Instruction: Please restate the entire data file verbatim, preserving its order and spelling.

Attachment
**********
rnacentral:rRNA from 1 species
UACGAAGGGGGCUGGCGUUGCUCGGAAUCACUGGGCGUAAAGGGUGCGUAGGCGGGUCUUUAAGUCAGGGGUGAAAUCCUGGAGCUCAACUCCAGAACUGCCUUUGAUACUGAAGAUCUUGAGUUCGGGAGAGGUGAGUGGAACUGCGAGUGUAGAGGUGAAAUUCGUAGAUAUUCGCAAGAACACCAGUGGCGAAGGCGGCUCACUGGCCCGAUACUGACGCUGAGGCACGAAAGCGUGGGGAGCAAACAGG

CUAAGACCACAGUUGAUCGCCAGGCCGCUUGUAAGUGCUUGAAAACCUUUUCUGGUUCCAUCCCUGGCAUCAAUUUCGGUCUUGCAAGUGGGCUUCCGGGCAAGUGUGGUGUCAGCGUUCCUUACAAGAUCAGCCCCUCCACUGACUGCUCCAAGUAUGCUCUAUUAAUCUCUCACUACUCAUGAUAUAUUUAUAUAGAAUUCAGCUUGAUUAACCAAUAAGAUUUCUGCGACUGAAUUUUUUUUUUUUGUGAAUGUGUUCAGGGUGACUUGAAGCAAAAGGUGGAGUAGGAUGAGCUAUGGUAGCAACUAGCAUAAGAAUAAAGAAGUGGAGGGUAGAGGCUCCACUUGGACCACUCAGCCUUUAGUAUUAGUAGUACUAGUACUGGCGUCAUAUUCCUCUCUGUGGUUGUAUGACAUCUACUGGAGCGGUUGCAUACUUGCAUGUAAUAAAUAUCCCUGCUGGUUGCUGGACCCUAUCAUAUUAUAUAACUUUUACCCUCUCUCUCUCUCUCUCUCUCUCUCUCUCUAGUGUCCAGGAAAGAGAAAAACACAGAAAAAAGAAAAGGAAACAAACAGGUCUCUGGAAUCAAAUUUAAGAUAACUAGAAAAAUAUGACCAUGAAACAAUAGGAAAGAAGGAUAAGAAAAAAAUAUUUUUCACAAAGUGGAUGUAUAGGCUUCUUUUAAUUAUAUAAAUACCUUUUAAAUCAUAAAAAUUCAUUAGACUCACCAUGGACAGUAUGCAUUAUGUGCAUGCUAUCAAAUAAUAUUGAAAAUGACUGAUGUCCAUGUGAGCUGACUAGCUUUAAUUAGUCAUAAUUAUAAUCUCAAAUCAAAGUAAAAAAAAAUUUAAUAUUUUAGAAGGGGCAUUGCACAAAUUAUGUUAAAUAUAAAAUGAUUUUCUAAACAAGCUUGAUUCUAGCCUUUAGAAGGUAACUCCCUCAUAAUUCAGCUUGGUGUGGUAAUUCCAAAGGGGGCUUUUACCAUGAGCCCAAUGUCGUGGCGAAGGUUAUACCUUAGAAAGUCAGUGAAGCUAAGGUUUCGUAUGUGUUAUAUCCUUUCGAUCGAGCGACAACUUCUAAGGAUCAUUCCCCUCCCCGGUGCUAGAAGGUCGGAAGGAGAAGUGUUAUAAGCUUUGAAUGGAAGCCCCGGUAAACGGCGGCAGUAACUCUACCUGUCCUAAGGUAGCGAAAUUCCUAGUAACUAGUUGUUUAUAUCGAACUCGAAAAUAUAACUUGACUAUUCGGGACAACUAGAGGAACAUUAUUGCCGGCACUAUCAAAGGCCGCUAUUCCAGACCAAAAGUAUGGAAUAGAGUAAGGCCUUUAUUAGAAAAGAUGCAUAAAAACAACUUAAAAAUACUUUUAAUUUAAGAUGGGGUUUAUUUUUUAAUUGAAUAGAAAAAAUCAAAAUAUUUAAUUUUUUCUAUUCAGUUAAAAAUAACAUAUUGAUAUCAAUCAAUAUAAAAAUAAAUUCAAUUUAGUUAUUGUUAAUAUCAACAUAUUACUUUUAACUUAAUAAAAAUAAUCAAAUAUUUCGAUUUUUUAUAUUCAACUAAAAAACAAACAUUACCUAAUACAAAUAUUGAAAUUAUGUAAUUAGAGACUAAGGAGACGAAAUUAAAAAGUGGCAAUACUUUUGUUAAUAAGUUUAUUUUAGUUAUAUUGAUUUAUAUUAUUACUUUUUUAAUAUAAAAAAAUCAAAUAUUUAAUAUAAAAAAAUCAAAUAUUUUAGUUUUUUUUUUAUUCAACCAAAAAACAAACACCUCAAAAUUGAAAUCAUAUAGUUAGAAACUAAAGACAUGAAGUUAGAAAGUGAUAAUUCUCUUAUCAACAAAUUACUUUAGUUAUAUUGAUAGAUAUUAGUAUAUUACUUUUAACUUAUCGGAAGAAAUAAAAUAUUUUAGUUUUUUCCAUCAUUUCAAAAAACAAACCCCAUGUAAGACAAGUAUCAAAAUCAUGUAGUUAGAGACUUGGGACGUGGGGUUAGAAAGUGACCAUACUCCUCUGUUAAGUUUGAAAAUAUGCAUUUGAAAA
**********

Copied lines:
rnacentral:rRNA from 1 species
UACGAAGGGGGCUGGCGUUGCUCGGAAUCACUGGGCGUAAAGGGUGCGUAGGCGGGUCUUUAAGUCAGGGGUGAAAUCCUGGAGCUCAACUCCAGAACUGCCUUUGAUACUGAAGAUCUUGAGUUCGGGAGAGGUGAGUGGAACUGCGAGUGUAGAGGUGAAAUUCGUAGAUAUUCGCAAGAACACCAGUGGCGAAGGCGGCUCACUGGCCCGAUACUGACGCUGAGGCACGAAAGCGUGGGGAGCAAACAGG

CUAAGACCACAGUUGAUCGCCAGGCCGCUUGUAAGUGCUUGAAAACCUUUUCUGGUUCCAUCCCUGGCAUCAAUUUCGGUCUUGCAAGUGGGCUUCCGGGCAAGUGUGGUGUCAGCGUUCCUUACAAGAUCAGCCCCUCCACUGACUGCUCCAAGUAUGCUCUAUUAAUCUCUCACUACUCAUGAUAUAUUUAUAUAGAAUUCAGCUUGAUUAACCAAUAAGAUUUCUGCGACUGAAUUUUUUUUUUUUGUGAAUGUGUUCAGGGUGACUUGAAGCAAAAGGUGGAGUAGGAUGAGCUAUGGUAGCAACUAGCAUAAGAAUAAAGAAGUGGAGGGUAGAGGCUCCACUUGGACCACUCAGCCUUUAGUAUUAGUAGUACUAGUACUGGCGUCAUAUUCCUCUCUGUGGUUGUAUGACAUCUACUGGAGCGGUUGCAUACUUGCAUGUAAUAAAUAUCCCUGCUGGUUGCUGGACCCUAUCAUAUUAUAUAACUUUUACCCUCUCUCUCUCUCUCUCUCUCUCUCUCUCUAGUGUCCAGGAAAGAGAAAAACACAGAAAAAAGAAAAGGAAACAAACAGGUCUCUGGAAUCAAAUUUAAGAUAACUAGAAAAAUAUGACCAUGAAACAAUAGGAAAGAAGGAUAAGAAAAAAAUAUUUUUCACAAAGUGGAUGUAUAGGCUUCUUUUAAUUAUAUAAAUACCUUUUAAAUCAUAAAAAUUCAUUAGACUCACCAUGGACAGUAUGCAUUAUGUGCAUGCUAUCAAAUAAUAUUGAAAAUGACUGAUGUCCAUGUGAGCUGACUAGCUUUAAUUAGUCAUAAUUAUAAUCUCAAAUCAAAGUAAAAAAAAAUUUAAUAUUUUAGAAGGGGCAUUGCACAAAUUAUGUUAAAUAUAAAAUGAUUUUCUAAACAAGCUUGAUUCUAGCCUUUAGAAGGUAACUCCCUCAUAAUUCAGCUUGGUGUGGUAAUUCCAAAGGGGGCUUUUACCAUGAGCCCAAUGUCGUGGCGAAGGUUAUACCUUAGAAAGUCAGUGAAGCUAAGGUUUCGUAUGUGUUAUAUCCUUUCGAUCGAGCGACAACUUCUAAGGAUCAUUCCCCUCCCCGGUGCUAGAAGGUCGGAAGGAGAAGUGUUAUAAGCUUUGAAUGGAAGCCCCGGUAAACGGCGGCAGUAACUCUACCUGUCCUAAGGUAGCGAAAUUCCUAGUAACUAGUUGUUUAUAUCGAACUCGAAAAUAUAACUUGACUAUUCGGGACAACUAGAGGAACAUUAUUGCCGGCACUAUCAAAGGCCGCUAUUCCAGACCAAAAGUAUGGAAUAGAGUAAGGCCUUUAUUAGAAAAGAUGCAUAAAAACAACUUAAAAAUACUUUUAAUUUAAGAUGGGGUUUAUUUUUUAAUUGAAUAGAAAAAAUCAAAAUAUUUAAUUUUUUCUAUUCAGUUAAAAAUAACAUAUUGAUAUCAAUCAAUAUAAAAAUAAAUUCAAUUUAGUUAUUGUUAAUAUCAACAUAUUACUUUUAACUUAAUAAAAAUAAUCAAAUAUUUCGAUUUUUUAUAUUCAACUAAAAAACAAACAUUACCUAAUACAAAUAUUGAAAUUAUGUAAUUAGAGACUAAGGAGACGAAAUUAAAAAGUGGCAAUACUUUUGUUAAUAAGUUUAUUUUAGUUAUAUUGAUUUAUAUUAUUACUUUUUUAAUAUAAAAAAAUCAAAUAUUUAAUAUAAAAAAAUCAAAUAUUUUAGUUUUUUUUUUAUUCAACCAAAAAACAAACACCUCAAAAUUGAAAUCAUAUAGUUAGAAACUAAAGACAUGAAGUUAGAAAGUGAUAAUUCUCUUAUCAACAAAUUACUUUAGUUAUAUUGAUAGAUAUUAGUAUAUUACUUUUAACUUAUCGGAAGAAAUAAAAUAUUUUAGUUUUUUCCAUCAUUUCAAAAAACAAACCCCAUGUAAGACAAGUAUCAAAAUCAUGUAGUUAGAGACUUGGGACGUGGGGUUAGAAAGUGACCAUACUCCUCUGUUAAGUUUGAAAAUAUGCAUUUGAAAA